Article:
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Finished "The Black Swan" (3/5)

Finished The Black Swan: The Impact of the Highly Improbable by Nassim Nicholas Taleb (3/5). This book contains interesting ideas presented in a sometimes ranty, sometime repetitive, and sometimes rambly manner. Overall, I enjoyed it, but I would not necessarily recommend it.

Taleb's topic of discussion was the black swan: those events that are not amenable to statistical modeling, at least not the common sort of statistical modeling that assumes that the domain being modeled has gaussian properties. They are highly unpredictable, high impact events, especially those that everyone, after the fact, thinks were perfectly predictable, Taleb spends much the book defining the black swan (and a good portion of it going on about why he likes or dislikes particular intellectuals). Beyond the definition, he comes back time and again to two points.

First, black swans are often just a matter of perception. A particular prediction may seem "safe" because the risks are assumed to be so unlikely that they can be ignored. When that "so unlikely" scenario occurs, it's occurrence is a black swan to those who assumed it would never happen. But to those who did not discount the risk so readily, it's what Taleb calls a grey swan -- still unpredictable, but not completely out of the blue.

Second, in a world riddled with black swans, a world that is not nearly as tidy and predictable as people would like to see it, what is the best strategy for dealing with risk? To answer this question, it helps to observe that black swans are often asymmetric: either the the maximum positive or maximum negative impact swamps the other. People who are trying to play it safe often try to avoid things with a large positive upside -- those are the things we traditionally call risky -- and instead inadvertently end up relying on those things with a large but invisible negative downside.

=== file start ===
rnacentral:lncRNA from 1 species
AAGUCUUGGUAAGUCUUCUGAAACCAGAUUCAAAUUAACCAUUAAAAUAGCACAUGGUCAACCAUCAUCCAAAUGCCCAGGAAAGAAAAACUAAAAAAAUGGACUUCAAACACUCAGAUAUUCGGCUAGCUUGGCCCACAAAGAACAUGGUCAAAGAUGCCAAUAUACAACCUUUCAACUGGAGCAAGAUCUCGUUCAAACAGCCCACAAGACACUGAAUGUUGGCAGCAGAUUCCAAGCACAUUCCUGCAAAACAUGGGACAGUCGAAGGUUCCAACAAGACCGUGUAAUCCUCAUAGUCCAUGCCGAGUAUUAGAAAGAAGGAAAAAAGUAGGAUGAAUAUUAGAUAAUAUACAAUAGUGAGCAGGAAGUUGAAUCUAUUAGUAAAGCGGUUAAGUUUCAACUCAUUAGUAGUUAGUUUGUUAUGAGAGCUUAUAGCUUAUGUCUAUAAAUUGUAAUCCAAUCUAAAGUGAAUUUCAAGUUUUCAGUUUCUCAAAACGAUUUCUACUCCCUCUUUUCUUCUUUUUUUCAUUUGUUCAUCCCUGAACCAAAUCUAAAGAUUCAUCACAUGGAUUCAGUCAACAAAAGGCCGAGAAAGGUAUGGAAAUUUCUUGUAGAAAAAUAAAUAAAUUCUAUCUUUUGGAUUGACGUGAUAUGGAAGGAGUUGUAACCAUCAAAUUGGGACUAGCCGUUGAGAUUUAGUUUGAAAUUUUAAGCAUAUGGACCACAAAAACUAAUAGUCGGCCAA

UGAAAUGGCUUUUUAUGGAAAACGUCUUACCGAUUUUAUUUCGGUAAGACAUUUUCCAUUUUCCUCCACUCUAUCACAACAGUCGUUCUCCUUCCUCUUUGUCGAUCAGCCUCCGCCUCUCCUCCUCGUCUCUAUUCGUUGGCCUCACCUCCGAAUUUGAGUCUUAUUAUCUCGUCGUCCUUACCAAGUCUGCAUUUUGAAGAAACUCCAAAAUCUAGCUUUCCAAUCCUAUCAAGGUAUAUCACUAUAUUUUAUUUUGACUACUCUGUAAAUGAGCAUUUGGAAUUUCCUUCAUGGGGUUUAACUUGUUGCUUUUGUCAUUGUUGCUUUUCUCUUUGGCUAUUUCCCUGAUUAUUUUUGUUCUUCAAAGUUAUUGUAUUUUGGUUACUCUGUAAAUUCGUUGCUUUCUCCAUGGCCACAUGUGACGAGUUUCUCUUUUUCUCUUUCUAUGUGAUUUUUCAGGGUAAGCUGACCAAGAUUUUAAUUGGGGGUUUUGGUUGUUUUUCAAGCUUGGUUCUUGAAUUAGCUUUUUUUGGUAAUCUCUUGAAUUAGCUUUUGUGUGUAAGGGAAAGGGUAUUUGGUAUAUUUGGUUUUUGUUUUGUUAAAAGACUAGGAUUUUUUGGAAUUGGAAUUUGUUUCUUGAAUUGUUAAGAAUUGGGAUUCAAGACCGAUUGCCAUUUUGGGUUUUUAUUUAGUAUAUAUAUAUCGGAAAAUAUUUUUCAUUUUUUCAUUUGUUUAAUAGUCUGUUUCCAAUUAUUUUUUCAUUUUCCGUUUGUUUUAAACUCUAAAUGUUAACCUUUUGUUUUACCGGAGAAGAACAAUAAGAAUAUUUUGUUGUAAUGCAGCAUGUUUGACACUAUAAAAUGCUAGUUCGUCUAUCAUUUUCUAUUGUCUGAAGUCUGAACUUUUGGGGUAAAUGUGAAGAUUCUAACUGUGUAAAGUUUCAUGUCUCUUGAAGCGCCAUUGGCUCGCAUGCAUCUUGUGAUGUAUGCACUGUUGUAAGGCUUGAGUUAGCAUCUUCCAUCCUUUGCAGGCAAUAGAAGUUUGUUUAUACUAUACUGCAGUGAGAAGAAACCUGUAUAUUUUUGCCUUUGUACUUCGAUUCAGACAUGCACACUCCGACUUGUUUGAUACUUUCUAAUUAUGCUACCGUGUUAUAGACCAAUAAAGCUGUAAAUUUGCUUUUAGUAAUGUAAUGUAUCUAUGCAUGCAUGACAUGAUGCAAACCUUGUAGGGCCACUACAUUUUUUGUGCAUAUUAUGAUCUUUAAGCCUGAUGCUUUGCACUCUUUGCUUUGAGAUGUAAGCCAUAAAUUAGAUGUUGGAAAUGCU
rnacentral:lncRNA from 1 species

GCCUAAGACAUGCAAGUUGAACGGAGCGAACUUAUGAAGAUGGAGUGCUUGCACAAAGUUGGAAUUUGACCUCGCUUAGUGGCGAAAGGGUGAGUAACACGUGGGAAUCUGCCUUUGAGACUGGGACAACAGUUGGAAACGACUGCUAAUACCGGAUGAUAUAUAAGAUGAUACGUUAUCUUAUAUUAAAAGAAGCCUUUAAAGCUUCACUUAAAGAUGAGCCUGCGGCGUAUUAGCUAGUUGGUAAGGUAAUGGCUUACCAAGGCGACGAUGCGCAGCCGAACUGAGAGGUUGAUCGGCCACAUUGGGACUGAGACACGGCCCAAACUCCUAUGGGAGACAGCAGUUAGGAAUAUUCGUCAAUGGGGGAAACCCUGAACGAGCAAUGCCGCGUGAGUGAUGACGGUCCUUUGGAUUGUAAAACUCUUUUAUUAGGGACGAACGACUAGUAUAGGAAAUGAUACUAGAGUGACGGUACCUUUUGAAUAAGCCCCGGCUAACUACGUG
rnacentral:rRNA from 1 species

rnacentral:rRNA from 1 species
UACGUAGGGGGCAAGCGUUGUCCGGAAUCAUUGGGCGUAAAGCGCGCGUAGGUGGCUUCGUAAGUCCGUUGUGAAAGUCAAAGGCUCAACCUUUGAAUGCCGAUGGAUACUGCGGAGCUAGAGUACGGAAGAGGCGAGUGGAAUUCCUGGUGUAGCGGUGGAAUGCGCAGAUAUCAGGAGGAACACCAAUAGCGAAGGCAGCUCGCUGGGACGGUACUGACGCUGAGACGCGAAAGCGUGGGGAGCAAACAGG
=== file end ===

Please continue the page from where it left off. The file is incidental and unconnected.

Taleb recommends switching this mentality: Be on the lookout for negative risks that are being waved away as too unlikely and avoid those things. Instead, put more resources into the higher risk, higher reward scenarios. In other words, don't look for moderate risk bets -- in practice they may be hidden high risk bets. Instead, split yourself between super safe bets (which, in reality are still riskier than you would expect) and bets with high risk and big potential payoff. You'll actually end up more moderate on average than taking the bets that seem moderate but really are not.

I don't know if that's a good strategy, but it's certainly an intriguing one to think about. And that really sums up my feelings about this book: I'm not sure if it's good, but it was intriguing.

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Erika Rice Scherpelz

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